Banks to Reap $157 Million on Wisconsin’s 2003 Interest-Rate Bet

(Bloomberg) -- In 2003, as the Federal Reserve was easing monetary policy to stave off a recession, Wisconsin placed a nearly three-decade long bet with some of Wall Street’s biggest banks that interest rates wouldn’t go any lower.

Yet they continued to fall -- and the state has been tied to those money-losing derivative trades ever since, paying as much as 5.5% interest on some of the $475 million it borrowed to shore up its employee pension system. It couldn’t refinance without paying Citigroup Inc., UBS Group AG and JPMorgan Chase & Co. steep fees to call off the contracts, which became increasingly valuable to the banks as interest rates declined.

Now, with state and local bond yields holding near more than half-century lows, Wisconsin may finally end its ill-fated experiment with high finance. It’s waiting for the chance to refinance the debt, cut its exposure to swings in interest rates and produce savings big enough to cover the $157 million of termination fees it owes the banks.

“There’s a market where we can do that and still maintain or achieve some overall savings, and that’s what we’re waiting for,” said David Erdman, who has been Wisconsin’s capital finance director since 2015. “It is market sensitive, and it just hasn’t reached our bogeys yet to move forward and complete.”

Wisconsin may be among the last wave of states and cities seeking to sever their ties to a financial tactic that has virtually disappeared since it backfired during the chaos of the credit crisis more than a decade ago, when it foisted unexpected costs on governments around the county. It helped push Alabama’s biggest county into bankruptcy and drove Detroit deeper into the hole in the run-up to that city’s record-setting collapse. As recently as 2016, Chicago spent heavily to back out of derivative trades after its credit rating was cut to junk.

Banks to Reap $157 Million on Wisconsin’s 2003 Interest-Rate Bet

The strategy involved governments borrowing through the sale of floating-rate bonds. They then entered into interest-rate swaps under which they agreed to make fixed-rate payments to banks in exchange for those pegged to an index. Those variable-rate payments were supposed to cover what was owed on the bonds, leaving the governments effectively paying only the fixed rate. It was supposed to be cheaper than selling traditional fixed-rate debt.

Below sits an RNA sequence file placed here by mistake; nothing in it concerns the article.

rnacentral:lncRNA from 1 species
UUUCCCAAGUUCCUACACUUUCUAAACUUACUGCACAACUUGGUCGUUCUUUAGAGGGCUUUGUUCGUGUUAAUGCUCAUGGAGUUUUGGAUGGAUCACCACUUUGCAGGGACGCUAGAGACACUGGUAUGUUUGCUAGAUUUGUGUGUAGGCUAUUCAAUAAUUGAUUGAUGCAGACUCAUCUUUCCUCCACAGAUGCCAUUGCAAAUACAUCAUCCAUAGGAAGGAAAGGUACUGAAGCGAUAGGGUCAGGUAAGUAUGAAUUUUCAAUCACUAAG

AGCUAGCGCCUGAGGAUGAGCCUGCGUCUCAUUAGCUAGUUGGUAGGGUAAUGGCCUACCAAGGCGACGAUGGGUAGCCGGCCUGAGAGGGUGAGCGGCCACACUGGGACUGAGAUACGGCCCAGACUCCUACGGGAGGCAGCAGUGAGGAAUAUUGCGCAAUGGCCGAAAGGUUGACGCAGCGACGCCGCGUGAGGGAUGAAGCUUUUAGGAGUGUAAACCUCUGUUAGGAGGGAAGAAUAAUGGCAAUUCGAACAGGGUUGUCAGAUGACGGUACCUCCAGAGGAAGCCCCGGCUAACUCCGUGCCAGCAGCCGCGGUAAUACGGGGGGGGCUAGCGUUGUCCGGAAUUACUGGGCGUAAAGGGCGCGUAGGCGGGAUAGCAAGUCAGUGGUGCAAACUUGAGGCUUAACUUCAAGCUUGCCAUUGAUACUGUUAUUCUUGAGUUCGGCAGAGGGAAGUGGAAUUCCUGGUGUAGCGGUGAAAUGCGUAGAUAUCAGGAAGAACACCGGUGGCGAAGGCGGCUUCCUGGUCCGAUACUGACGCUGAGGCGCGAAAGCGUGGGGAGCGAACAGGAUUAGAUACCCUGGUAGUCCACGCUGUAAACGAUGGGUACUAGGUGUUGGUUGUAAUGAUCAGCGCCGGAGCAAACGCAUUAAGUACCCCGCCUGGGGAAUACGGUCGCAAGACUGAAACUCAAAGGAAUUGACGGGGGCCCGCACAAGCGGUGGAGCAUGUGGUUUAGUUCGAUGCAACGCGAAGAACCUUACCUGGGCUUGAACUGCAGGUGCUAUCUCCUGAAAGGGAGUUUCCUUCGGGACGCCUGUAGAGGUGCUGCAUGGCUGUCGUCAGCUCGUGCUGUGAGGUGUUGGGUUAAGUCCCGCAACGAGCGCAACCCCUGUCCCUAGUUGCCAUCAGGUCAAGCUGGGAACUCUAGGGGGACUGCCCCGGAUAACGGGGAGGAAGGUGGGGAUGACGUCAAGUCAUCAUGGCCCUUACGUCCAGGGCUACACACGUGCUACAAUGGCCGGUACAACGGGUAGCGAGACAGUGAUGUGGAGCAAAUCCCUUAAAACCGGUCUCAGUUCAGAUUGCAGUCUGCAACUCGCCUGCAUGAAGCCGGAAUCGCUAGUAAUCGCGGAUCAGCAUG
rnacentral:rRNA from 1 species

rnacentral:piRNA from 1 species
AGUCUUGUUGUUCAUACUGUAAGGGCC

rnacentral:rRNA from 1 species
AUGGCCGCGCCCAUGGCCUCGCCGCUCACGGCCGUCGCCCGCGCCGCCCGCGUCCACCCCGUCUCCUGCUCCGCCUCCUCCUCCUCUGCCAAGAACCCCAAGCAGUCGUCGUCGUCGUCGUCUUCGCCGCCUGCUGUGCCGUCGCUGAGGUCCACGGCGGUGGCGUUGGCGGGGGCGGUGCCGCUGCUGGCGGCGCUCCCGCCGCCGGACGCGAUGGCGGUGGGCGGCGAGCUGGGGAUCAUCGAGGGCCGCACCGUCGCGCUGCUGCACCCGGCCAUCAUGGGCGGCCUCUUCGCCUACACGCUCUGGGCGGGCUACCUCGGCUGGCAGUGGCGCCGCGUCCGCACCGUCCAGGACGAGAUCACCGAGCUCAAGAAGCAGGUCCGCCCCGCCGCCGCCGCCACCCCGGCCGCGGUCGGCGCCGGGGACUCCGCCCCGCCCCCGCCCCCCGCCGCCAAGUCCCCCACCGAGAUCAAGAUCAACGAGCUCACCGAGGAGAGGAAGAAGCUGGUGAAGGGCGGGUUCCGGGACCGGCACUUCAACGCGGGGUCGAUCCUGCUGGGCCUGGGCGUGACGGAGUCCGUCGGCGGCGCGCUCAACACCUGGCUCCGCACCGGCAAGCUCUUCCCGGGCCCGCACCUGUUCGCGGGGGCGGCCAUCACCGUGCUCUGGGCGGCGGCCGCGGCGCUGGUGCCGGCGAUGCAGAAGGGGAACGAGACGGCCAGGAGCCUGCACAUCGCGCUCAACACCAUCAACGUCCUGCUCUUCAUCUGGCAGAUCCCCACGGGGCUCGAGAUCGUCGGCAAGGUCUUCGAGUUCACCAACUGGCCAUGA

But, other risks aside, the steep cancellation fees kept governments on the sidelines during the refinancing booms that erupted when interest rates fell, keeping them locked into above-market costs. In 2003, for example, 20-year municipal-bond yields exceeded 5%. They’re about half that now.

Wisconsin is currently planning to sell $622 million of new bonds. That would raise cash to pay off $475 million of variable-rate debt and cover the termination costs owed to the banks for interest-rate swaps tied to the one-month London interbank offered rate.

Wisconsin is looking to squeeze every penny it can from the deal, postponing it until factors like credit spreads and the relationship between Libor and Treasuries are favorable enough to make canceling the swap worth it, Erdman added.

Wisconsin would join a broader push by issuers to seize on low interest rates to exit such derivative-laden bond deals, Moody’s Investors Service managing director Timothy Blake said. The Illinois State Toll Highway Authority was among them, issuing nearly $700 million in fixed-rate debt last year to refinance and cover a $143 million swap-termination payment. The deal will end up costing the toll authority an additional $21 million over the 11-year life of the bonds, said chief financial officer Michael Colsch.

“The last five years, maybe even since Lehman, we don’t see a lot of governments entering into new swaps,” Blake said, referring to the 2008 bankruptcy of the investment bank. “The appetite for these more complex synthetic fixed-rate deals has gone away.”

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